The shootings of Salman Taseer and Congresswoman Giffords have exposed a deep division between the liberals and conservatives in both Pakistan and the United States. While the mass murder in the U.S. which targeted Giffords was carried out by a deranged individual, commentators have criticized the militaristic tone of the Tea Party as one factor to the tragedy. If one examines the violent rhetoric that preceded the assassination of Salman Taseer by conservatives in Pakistan, one can see the frightening power of speech in certain environments. Subsequently, the ultra-conservative lawyers’ movement has come out in defense of Salman Taseer’s assassin. And while Tea Party leaders and Pakistani conservative lawyers have a right to free speech, they also owe a duty to the public to not cause imminent harm with that speech.
A judicial punishment is rarely the appropriate remedy to cover the rhetoric being injected in an increasingly hostile society by leading conservatives in the U.S. and Pakistan, because political speech traditionally is one of the most coveted rights in a democracy. However, there are certain lessons that can be learned by examining the legal limitations placed on the freedom of speech, both for citizens and their leaders to begin a conversation that could inspire progressive developments.
Under American jurisprudence, even the most conservative justices have held that the government’s right to restrict speech is far less significant than a citizen’s right to express his political beliefs. A major case that discussed the limitations on speech was Schenck v. United States, where Justice Holmes famously stated that no man has the right to falsely shout “fire” in a crowded theater because it would harm the general public.
Using this standard, one should look to the U.S. as a ‘theater’ that is already panicked without the Tea Party stoking its flames because of the looming recession and the increasingly sense of xenophobia towards all non-white Americans, whether they be Latino or Muslim. In the aftermath of the first black president being elected to office, there has been a rise of anti-minority rhetoric amongst right wing groups far more extreme than even the Tea Party.
However, rather than attempting to downplay this divisive rhetoric in hopes to include moderates as well as hard-liners in their fold, the Tea Party has continued to utilizedisruptive language and has hastened the society’s descent into hate and fear. Further, one should look to the McCarthy era accusations of anti-American directed toward liberals who supported universal health care.. Most importantly, the advocacy of gun rights in a nation where 20,000 people died in 2007 due to gun-related incidents is further proof that the Tea Party and its affiliates are shouting ‘fire’ in a crowded theater.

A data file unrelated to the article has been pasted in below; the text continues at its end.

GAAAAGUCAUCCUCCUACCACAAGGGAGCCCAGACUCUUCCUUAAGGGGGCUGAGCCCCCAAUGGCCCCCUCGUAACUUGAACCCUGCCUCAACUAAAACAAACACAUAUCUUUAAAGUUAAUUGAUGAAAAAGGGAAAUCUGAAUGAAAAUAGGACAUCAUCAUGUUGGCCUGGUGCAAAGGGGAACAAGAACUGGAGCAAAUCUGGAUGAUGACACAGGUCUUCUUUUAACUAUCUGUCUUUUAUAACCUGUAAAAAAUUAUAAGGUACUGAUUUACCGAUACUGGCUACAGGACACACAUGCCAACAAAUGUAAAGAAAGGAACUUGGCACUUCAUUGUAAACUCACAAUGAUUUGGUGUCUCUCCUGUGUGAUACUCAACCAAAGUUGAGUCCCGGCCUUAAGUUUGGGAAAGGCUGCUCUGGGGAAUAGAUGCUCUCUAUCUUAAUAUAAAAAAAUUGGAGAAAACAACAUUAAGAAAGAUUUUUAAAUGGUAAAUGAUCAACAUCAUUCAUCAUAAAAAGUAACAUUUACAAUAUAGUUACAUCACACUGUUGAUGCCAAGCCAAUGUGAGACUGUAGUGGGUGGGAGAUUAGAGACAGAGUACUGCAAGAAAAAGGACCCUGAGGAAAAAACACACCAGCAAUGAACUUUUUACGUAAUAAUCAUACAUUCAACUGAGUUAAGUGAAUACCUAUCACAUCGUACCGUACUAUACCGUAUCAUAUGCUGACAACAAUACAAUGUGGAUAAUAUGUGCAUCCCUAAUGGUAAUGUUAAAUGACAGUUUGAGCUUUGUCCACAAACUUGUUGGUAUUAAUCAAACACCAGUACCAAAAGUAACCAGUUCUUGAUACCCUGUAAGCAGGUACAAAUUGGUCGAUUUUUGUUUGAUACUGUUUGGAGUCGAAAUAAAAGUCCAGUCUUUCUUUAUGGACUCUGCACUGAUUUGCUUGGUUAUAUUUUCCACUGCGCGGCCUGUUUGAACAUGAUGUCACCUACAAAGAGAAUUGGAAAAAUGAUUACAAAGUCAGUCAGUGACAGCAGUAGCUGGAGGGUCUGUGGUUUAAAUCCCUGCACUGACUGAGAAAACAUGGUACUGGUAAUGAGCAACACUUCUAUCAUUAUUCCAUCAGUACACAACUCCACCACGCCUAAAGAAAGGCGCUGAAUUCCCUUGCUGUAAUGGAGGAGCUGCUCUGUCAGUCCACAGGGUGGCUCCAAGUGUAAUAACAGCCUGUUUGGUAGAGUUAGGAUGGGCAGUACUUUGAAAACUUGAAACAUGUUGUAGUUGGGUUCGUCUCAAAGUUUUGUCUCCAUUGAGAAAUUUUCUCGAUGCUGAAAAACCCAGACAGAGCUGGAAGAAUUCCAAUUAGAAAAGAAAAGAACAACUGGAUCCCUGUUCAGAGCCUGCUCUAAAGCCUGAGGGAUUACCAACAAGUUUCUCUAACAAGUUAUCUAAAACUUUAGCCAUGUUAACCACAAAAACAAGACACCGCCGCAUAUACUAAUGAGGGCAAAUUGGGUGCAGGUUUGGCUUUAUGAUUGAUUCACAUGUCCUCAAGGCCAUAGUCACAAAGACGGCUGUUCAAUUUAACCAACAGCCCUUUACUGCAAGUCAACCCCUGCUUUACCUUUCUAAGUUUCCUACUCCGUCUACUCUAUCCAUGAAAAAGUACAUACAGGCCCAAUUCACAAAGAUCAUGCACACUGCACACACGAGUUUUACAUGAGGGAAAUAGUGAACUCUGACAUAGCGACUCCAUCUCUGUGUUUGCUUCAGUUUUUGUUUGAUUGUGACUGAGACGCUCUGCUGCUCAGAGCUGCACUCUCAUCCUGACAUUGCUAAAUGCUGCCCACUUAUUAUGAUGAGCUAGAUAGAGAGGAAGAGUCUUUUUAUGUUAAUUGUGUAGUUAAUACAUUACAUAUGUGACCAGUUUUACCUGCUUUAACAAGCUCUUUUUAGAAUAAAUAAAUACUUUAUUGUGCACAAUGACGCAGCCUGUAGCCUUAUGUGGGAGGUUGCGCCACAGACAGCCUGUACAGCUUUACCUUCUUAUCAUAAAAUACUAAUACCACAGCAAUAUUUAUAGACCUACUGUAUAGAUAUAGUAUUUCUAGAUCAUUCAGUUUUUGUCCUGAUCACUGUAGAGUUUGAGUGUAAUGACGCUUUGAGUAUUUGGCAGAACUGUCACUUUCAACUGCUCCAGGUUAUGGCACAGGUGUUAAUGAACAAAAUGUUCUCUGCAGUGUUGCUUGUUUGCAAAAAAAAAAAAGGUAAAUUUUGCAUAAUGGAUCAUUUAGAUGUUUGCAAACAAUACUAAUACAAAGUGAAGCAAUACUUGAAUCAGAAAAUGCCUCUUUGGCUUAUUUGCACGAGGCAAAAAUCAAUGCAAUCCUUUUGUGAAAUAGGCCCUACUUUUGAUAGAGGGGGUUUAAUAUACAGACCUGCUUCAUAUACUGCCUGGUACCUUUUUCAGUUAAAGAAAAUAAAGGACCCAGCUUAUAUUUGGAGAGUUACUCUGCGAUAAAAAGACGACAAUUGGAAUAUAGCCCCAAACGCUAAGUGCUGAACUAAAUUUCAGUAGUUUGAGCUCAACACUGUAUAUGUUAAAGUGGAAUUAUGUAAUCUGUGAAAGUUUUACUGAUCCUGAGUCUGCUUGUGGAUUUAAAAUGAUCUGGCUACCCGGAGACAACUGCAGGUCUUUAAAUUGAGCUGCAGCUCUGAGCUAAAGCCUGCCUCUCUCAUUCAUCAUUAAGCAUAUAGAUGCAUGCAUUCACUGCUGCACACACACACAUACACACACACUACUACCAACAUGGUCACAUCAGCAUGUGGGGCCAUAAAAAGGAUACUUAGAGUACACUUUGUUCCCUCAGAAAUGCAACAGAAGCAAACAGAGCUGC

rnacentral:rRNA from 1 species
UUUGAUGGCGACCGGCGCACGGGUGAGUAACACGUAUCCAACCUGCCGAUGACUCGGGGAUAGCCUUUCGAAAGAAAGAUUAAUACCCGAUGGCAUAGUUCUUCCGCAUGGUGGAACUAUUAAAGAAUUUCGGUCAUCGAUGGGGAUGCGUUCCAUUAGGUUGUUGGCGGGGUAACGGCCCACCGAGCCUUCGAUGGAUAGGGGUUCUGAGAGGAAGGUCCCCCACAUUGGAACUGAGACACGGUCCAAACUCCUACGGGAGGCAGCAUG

Unlike the United States, where individuals have a marketplace of ideas and there is usually a 50-50 split as to liberal and conservative political speech, Pakistan’s media and schools are dominated by the conservative agenda. One way to understand why the lawyers’ movement should reexamine its position in support of religious fundamentalists is to understand the limitation on political free speech under Brandenburg v. Ohio. In this case, the court recognized that while an individual has a right to express his political beliefs, he does NOT have the right to cause ‘imminent lawless action.’ This standard was created as an ultimate balance between the interests of the individual in expressing himself or herself and the interest of society to maintain order. And the rise of militant chauvinistic Islam championed by lawyers and mullahs amongst the public has made lawless action far more imminent when religious leaders issue death warrants against any progressive who dares to challenge their backward thinking.
Lawyers should reconsider their support for the mullahs who called for the murder of Governor Taseer. The speech of these mullahs certainly instigated the murder of an innocent person. Time and time again, lawless actions have resulted from mullah-issued fatwas whether through the kidnapping of a progressive school principal, or the murder of an elected official in broad daylight. No doubt, there is a more directly link to violence from ultra-conservative rhetoric in Pakistan than in the U.S. Yet the rhetoric in both nations must be reexamined.
In looking at the demented smiles shared by both Qadri and Loughner, we see products of our own societies., When we must bury innocent victims like Salman Taseer or nine-year-old Christina-Taylor Green, we must realize the terrifying power of free speech both as a liberating principle but also as something to be used responsibly by our leaders. However, we as a public must demand more from our leaders, whether they be political parties or lawyers, and we should realize the negative consequences of introducing discordant language in any society.